Eucalyptus (Globulus labill)

Eucalyptus essence has antimicrobial activity against some microorganisms such as Vibrio cholerae, Aspergillus flavus and S. aureus. The results of studies indicated that eucalyptus extract could prevent tooth decay through inhibition of biofilm formation of plaques. It has also been reported that chewing gum containing eucalyptus extract improves gingival health, decreases bleeding during probing, and reduces periodontal diseases. [31]

  Discussion Top

The present review revealed a growing interest in the use of herbs in dentistry, particularly in periodontal diseases. Herbal medicines have been used for many years, and their history can be rooted from the ancient civilization, where their role as a primary source of medication have been evident [Table 2].

Sanguinaria extract, a derivative of Sanguinaria canadensis (bloodroot) has been incorporated in oral rinse and toothpaste products to control bad breath and have proved to be effective. The ability of the herbal extract, German chamomile, in mouthwashes to reduce gingival inflammation and plaque formation and for use as an irrigant to disinfect the root canal with less toxicity, has been well-documented medicament in clinical practice. Although several herbal products have been tested, yet conclusive results are still lacking. [32]
Table 2: List of plants with medicinal value in dentistry

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There are a number of herbs that can help eliminate inflammation and infection associated with periodontal diseases. Coenzyme Q-10, a natural supplement helps to increase tissue oxygenation in the body that helps to provide healthy blood flow to the gums. A reported clinical trial demonstrated improvement in plaque and calculus levels by twice a day intake of 25 mg of Coenzyme Q-10 in patients suffering from periodontal disease.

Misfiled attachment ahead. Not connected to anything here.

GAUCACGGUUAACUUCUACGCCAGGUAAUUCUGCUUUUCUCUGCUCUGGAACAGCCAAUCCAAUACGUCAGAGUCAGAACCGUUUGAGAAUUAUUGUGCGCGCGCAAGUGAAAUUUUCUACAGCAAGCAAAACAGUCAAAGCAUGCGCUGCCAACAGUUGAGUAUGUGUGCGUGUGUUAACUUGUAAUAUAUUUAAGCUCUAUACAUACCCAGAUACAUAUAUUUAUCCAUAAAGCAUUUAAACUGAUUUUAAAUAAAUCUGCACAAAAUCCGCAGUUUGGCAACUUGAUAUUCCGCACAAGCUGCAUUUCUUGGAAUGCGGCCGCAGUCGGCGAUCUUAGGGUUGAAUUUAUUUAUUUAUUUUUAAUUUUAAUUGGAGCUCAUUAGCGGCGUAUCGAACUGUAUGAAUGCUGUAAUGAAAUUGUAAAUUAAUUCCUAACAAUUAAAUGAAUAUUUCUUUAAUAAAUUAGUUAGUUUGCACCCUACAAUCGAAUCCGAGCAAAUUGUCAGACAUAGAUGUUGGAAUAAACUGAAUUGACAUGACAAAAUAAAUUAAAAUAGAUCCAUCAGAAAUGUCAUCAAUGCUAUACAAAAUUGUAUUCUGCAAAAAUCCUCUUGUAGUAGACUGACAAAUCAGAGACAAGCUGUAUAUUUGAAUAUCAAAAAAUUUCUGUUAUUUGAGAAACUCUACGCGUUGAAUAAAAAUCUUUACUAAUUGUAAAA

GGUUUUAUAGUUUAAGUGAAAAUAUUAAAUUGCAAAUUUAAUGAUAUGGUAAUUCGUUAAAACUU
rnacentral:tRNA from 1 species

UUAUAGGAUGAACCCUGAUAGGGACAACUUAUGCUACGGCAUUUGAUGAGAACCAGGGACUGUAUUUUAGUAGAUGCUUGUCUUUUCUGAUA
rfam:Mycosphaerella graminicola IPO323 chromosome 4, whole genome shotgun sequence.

Evidences have been reported for the relation between Vitamin C and periodontal disease. Significant gum bleeding can occur in Vitamin C deficiency. Vitamin C along with bioflavonoids helps to speed up the healing process. Clinical studies have also been reported to lower plaque, gingival and bleeding indices by use of formulations containing extracts of bloodroot. A. vera gel has been reported to sooth gum tissue and relieved pain and discomfort when applied on gums. Clove oil reduces infection and relieves pain. Echinacea and Goldenseal have also been reported to relieve infection and inflammation. [8]

Researchers should be encouraged to conduct controlled studies to prove the effectiveness and safety of natural dental products. Those studies will provide dentists with sufficient clinical evidence before prescribing promoted natural products for their patients. The low toxicity and low cost of these herbs should encourage further investigation leading to a better understanding of traditional herbal medicine for prevention of plaque formation and strengthening of the gums, as well as in reducing the incidence of dental or periodontal infections. Thus, doing further researches in this field, will provide more data and will prove to be helpful in studying the effects of various herbal medicinal plants on periodontal diseases.[40]

  Conclusion Top

The use of herbal medicine continues to expand rapidly across the world. Many people take herbal medicines or herbal products now for their health care in different national healthcare settings. Herbal extracts have been used in dentistry for reducing inflammation, as antimicrobial plaque agents, for preventing the release of histamine and as antiseptics, antioxidants, antimicrobials, antifungals, antibacterials, antivirals and analgesics. They also aid in healing and are effective in controlling microbial plaque in gingivitis and periodontitis and thereby improving immunity.

  References Top